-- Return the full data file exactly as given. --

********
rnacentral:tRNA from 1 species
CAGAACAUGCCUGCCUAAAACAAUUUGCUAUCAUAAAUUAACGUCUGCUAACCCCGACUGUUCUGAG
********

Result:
rnacentral:tRNA from 1 species
CAGAACAUGCCUGCCUAAAACAAUUUGCUAUCAUAAAUUAACGUCUGCUAACCCCGACUGUUCUGAG